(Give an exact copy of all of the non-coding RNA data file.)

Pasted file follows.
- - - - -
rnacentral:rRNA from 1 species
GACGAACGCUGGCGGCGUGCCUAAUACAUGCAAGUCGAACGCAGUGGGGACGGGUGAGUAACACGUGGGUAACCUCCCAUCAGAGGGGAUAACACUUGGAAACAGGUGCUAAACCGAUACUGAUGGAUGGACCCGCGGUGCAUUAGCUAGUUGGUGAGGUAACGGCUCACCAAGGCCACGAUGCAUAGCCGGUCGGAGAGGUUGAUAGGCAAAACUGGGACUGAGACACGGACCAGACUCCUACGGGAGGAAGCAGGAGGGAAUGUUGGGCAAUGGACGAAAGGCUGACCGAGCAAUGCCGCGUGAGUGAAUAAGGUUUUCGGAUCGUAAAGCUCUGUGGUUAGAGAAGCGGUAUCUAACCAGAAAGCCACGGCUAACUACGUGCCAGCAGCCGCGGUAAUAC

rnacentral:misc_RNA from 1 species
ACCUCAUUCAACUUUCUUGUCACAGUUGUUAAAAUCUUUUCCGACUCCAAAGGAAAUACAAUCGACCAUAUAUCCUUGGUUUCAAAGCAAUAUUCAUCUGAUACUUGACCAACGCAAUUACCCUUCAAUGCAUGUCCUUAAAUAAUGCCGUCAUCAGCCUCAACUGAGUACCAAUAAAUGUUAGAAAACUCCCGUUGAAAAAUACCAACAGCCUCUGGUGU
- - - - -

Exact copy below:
rnacentral:rRNA from 1 species
GACGAACGCUGGCGGCGUGCCUAAUACAUGCAAGUCGAACGCAGUGGGGACGGGUGAGUAACACGUGGGUAACCUCCCAUCAGAGGGGAUAACACUUGGAAACAGGUGCUAAACCGAUACUGAUGGAUGGACCCGCGGUGCAUUAGCUAGUUGGUGAGGUAACGGCUCACCAAGGCCACGAUGCAUAGCCGGUCGGAGAGGUUGAUAGGCAAAACUGGGACUGAGACACGGACCAGACUCCUACGGGAGGAAGCAGGAGGGAAUGUUGGGCAAUGGACGAAAGGCUGACCGAGCAAUGCCGCGUGAGUGAAUAAGGUUUUCGGAUCGUAAAGCUCUGUGGUUAGAGAAGCGGUAUCUAACCAGAAAGCCACGGCUAACUACGUGCCAGCAGCCGCGGUAAUAC

rnacentral:misc_RNA from 1 species
ACCUCAUUCAACUUUCUUGUCACAGUUGUUAAAAUCUUUUCCGACUCCAAAGGAAAUACAAUCGACCAUAUAUCCUUGGUUUCAAAGCAAUAUUCAUCUGAUACUUGACCAACGCAAUUACCCUUCAAUGCAUGUCCUUAAAUAAUGCCGUCAUCAGCCUCAACUGAGUACCAAUAAAUGUUAGAAAACUCCCGUUGAAAAAUACCAACAGCCUCUGGUGU